What is the value of a 1788 New Hampshire quarter?
Unless it's uncirculated, face value only.
To explain, your quarter wasn't minted in 1788 nor was it made in New Hampshire. It's one of the State Quarters series minted from 1999 to 2009 honoring each of the 50 states and 6 other districts of the US. 1788 is the date New Hampshire was admitted to the Union; the minting year (2000) is at the bottom of the reverse side.
Hundreds of millions of state quarters were minted; except for a few issues that had minting errors any that you find in change are only worth, well, a quarter.
The first US quarter dollars were minted in 1796. If your quarter has a picture of George Washington on one side, 1788 near the top of the other side, and it looks new, that's because it IS new. You have a State Quarter with two dates on it. 1788 is the date that the state was admitted to the Union, NOT the date the coin was minted! The minting date is at the bottom of…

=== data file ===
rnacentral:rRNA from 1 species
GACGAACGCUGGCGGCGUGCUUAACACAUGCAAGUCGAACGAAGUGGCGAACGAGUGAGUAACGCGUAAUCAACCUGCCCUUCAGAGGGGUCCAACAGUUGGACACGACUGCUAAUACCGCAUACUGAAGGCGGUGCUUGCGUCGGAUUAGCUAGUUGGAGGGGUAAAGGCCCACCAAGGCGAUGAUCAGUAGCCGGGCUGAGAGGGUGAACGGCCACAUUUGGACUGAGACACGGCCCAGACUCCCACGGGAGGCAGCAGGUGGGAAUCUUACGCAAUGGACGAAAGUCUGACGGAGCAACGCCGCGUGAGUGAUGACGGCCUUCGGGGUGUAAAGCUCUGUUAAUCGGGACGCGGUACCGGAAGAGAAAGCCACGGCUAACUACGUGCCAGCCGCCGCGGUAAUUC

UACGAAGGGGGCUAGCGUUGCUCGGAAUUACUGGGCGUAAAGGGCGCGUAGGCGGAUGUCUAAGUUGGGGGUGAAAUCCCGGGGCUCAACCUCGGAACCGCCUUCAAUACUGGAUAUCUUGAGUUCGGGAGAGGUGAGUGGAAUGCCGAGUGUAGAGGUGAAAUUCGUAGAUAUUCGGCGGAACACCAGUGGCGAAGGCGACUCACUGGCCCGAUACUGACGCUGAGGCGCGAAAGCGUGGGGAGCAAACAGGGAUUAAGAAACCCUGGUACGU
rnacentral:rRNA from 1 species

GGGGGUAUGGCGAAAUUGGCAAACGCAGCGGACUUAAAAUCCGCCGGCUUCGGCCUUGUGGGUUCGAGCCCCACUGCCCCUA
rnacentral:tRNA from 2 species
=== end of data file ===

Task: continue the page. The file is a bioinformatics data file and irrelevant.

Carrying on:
That's just a state quarter. 1788 is the year New York became a state, and 2001 is when the coin was minted. If it's gold, then someone gold-plated a regular quarter. It doesn't add any value for a collector, as it's now more of a novelty or souvenir. It's only worth as much as someone is willing to pay.
Delaware (1787), Pennsylvania (1787), New Jersey (1787), Georgia (1788), Connecticut (1788), Massachusetts (1788), Maryland (1788), South Carolina (1788), New Hampshire (1788), Virginia (1788), New York (1788), North Carolina (1789), Rhode Island (1790), Vermont (1791), Kentucky (1792), Tennessee (1796), and Ohio (1803) joined the union by 1809.
Uh, please look at the rest of the state quarters in your pocket change. They ALL have the state's date of admission to the Union at the top of the coin and the date they were minted at the bottom. So your quarter is dated 2000, not 1788 - that's when NH joined the Union! Bottom lline, it's only worth 25 cents. Billions of state quarters have been minted since 1999.
Delaware (December 7, 1787) Pennsylvania (December 12, 1787) New Jersey (December 18, 1787) Georgia (January 2, 1788) Connecticut (January 9, 1788) Massachusetts (February 6, 1788) Maryland (April 28, 1788) South Carolina (May 23, 1788) New Hampshire (June 21, 1788) Virginia (June 25, 1788) New York (July 26, 1788) North Carolina (November 21, 1788) Rhode Island (May 29, 1790)